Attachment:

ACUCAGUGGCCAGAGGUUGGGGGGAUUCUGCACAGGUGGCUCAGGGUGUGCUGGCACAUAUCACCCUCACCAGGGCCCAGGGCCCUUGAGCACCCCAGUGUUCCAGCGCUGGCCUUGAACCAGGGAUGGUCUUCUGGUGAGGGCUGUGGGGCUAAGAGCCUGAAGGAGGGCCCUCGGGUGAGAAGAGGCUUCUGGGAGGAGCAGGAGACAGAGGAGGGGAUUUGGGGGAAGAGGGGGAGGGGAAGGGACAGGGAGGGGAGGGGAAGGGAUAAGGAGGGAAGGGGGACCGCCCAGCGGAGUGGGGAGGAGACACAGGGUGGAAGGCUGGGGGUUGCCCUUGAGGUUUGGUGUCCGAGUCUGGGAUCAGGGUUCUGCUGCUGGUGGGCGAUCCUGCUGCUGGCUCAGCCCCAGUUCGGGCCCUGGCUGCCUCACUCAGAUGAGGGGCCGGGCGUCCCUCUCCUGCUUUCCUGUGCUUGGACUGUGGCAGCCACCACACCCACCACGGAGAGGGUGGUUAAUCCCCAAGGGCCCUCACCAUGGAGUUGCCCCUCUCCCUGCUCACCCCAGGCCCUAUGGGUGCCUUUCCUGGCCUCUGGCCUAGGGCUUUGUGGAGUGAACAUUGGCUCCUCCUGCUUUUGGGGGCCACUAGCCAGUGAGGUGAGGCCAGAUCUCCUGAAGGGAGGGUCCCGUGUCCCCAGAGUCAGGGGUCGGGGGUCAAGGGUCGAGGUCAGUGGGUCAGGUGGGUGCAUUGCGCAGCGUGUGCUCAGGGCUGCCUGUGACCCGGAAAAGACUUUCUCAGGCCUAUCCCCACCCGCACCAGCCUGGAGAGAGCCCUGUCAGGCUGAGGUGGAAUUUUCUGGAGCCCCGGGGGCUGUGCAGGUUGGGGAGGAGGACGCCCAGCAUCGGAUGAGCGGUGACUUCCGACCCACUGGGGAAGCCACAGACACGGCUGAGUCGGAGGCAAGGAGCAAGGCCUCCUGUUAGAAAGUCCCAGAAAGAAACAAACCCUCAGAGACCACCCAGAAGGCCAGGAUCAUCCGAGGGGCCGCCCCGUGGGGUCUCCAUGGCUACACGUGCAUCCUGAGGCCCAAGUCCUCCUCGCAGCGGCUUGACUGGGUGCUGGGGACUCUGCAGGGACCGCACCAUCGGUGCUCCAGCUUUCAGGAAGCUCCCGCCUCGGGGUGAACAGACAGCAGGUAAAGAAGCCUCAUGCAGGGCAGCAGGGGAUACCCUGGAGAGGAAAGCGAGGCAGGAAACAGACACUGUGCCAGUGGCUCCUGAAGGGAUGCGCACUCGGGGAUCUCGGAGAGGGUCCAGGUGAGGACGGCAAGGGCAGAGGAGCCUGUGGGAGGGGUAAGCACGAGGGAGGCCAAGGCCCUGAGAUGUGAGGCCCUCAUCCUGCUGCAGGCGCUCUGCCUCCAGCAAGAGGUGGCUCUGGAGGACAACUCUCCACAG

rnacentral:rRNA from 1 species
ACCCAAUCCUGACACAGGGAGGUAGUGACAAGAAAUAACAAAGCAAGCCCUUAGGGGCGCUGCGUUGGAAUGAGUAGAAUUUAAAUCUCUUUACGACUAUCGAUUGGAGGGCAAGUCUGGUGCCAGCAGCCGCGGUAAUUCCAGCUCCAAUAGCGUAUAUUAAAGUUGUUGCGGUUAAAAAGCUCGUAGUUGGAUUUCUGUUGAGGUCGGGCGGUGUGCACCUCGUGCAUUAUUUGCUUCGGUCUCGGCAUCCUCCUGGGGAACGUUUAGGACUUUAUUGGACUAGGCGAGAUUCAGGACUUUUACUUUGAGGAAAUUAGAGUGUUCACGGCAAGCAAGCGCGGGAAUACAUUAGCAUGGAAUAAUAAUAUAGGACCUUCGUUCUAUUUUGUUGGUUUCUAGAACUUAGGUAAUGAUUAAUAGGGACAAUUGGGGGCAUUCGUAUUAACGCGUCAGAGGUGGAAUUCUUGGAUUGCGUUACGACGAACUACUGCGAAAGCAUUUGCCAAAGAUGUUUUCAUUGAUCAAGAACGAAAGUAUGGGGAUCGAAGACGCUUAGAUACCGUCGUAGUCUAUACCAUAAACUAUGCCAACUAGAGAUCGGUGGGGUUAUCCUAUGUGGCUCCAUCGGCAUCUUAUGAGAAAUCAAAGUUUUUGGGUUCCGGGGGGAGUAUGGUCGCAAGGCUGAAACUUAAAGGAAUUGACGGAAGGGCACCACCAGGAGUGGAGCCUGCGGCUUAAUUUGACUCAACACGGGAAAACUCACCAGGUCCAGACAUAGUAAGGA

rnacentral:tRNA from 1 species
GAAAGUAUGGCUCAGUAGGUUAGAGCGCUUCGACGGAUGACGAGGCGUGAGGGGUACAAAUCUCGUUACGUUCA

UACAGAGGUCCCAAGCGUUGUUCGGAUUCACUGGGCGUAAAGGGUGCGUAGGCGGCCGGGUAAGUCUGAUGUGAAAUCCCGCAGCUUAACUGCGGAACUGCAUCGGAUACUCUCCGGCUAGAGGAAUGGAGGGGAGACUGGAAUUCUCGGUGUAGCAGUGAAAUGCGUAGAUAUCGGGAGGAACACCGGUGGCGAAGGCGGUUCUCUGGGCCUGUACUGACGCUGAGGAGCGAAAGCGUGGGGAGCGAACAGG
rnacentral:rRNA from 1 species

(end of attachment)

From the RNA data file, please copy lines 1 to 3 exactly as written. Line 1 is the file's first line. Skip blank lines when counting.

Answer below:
ACUCAGUGGCCAGAGGUUGGGGGGAUUCUGCACAGGUGGCUCAGGGUGUGCUGGCACAUAUCACCCUCACCAGGGCCCAGGGCCCUUGAGCACCCCAGUGUUCCAGCGCUGGCCUUGAACCAGGGAUGGUCUUCUGGUGAGGGCUGUGGGGCUAAGAGCCUGAAGGAGGGCCCUCGGGUGAGAAGAGGCUUCUGGGAGGAGCAGGAGACAGAGGAGGGGAUUUGGGGGAAGAGGGGGAGGGGAAGGGACAGGGAGGGGAGGGGAAGGGAUAAGGAGGGAAGGGGGACCGCCCAGCGGAGUGGGGAGGAGACACAGGGUGGAAGGCUGGGGGUUGCCCUUGAGGUUUGGUGUCCGAGUCUGGGAUCAGGGUUCUGCUGCUGGUGGGCGAUCCUGCUGCUGGCUCAGCCCCAGUUCGGGCCCUGGCUGCCUCACUCAGAUGAGGGGCCGGGCGUCCCUCUCCUGCUUUCCUGUGCUUGGACUGUGGCAGCCACCACACCCACCACGGAGAGGGUGGUUAAUCCCCAAGGGCCCUCACCAUGGAGUUGCCCCUCUCCCUGCUCACCCCAGGCCCUAUGGGUGCCUUUCCUGGCCUCUGGCCUAGGGCUUUGUGGAGUGAACAUUGGCUCCUCCUGCUUUUGGGGGCCACUAGCCAGUGAGGUGAGGCCAGAUCUCCUGAAGGGAGGGUCCCGUGUCCCCAGAGUCAGGGGUCGGGGGUCAAGGGUCGAGGUCAGUGGGUCAGGUGGGUGCAUUGCGCAGCGUGUGCUCAGGGCUGCCUGUGACCCGGAAAAGACUUUCUCAGGCCUAUCCCCACCCGCACCAGCCUGGAGAGAGCCCUGUCAGGCUGAGGUGGAAUUUUCUGGAGCCCCGGGGGCUGUGCAGGUUGGGGAGGAGGACGCCCAGCAUCGGAUGAGCGGUGACUUCCGACCCACUGGGGAAGCCACAGACACGGCUGAGUCGGAGGCAAGGAGCAAGGCCUCCUGUUAGAAAGUCCCAGAAAGAAACAAACCCUCAGAGACCACCCAGAAGGCCAGGAUCAUCCGAGGGGCCGCCCCGUGGGGUCUCCAUGGCUACACGUGCAUCCUGAGGCCCAAGUCCUCCUCGCAGCGGCUUGACUGGGUGCUGGGGACUCUGCAGGGACCGCACCAUCGGUGCUCCAGCUUUCAGGAAGCUCCCGCCUCGGGGUGAACAGACAGCAGGUAAAGAAGCCUCAUGCAGGGCAGCAGGGGAUACCCUGGAGAGGAAAGCGAGGCAGGAAACAGACACUGUGCCAGUGGCUCCUGAAGGGAUGCGCACUCGGGGAUCUCGGAGAGGGUCCAGGUGAGGACGGCAAGGGCAGAGGAGCCUGUGGGAGGGGUAAGCACGAGGGAGGCCAAGGCCCUGAGAUGUGAGGCCCUCAUCCUGCUGCAGGCGCUCUGCCUCCAGCAAGAGGUGGCUCUGGAGGACAACUCUCCACAG

rnacentral:rRNA from 1 species
ACCCAAUCCUGACACAGGGAGGUAGUGACAAGAAAUAACAAAGCAAGCCCUUAGGGGCGCUGCGUUGGAAUGAGUAGAAUUUAAAUCUCUUUACGACUAUCGAUUGGAGGGCAAGUCUGGUGCCAGCAGCCGCGGUAAUUCCAGCUCCAAUAGCGUAUAUUAAAGUUGUUGCGGUUAAAAAGCUCGUAGUUGGAUUUCUGUUGAGGUCGGGCGGUGUGCACCUCGUGCAUUAUUUGCUUCGGUCUCGGCAUCCUCCUGGGGAACGUUUAGGACUUUAUUGGACUAGGCGAGAUUCAGGACUUUUACUUUGAGGAAAUUAGAGUGUUCACGGCAAGCAAGCGCGGGAAUACAUUAGCAUGGAAUAAUAAUAUAGGACCUUCGUUCUAUUUUGUUGGUUUCUAGAACUUAGGUAAUGAUUAAUAGGGACAAUUGGGGGCAUUCGUAUUAACGCGUCAGAGGUGGAAUUCUUGGAUUGCGUUACGACGAACUACUGCGAAAGCAUUUGCCAAAGAUGUUUUCAUUGAUCAAGAACGAAAGUAUGGGGAUCGAAGACGCUUAGAUACCGUCGUAGUCUAUACCAUAAACUAUGCCAACUAGAGAUCGGUGGGGUUAUCCUAUGUGGCUCCAUCGGCAUCUUAUGAGAAAUCAAAGUUUUUGGGUUCCGGGGGGAGUAUGGUCGCAAGGCUGAAACUUAAAGGAAUUGACGGAAGGGCACCACCAGGAGUGGAGCCUGCGGCUUAAUUUGACUCAACACGGGAAAACUCACCAGGUCCAGACAUAGUAAGGA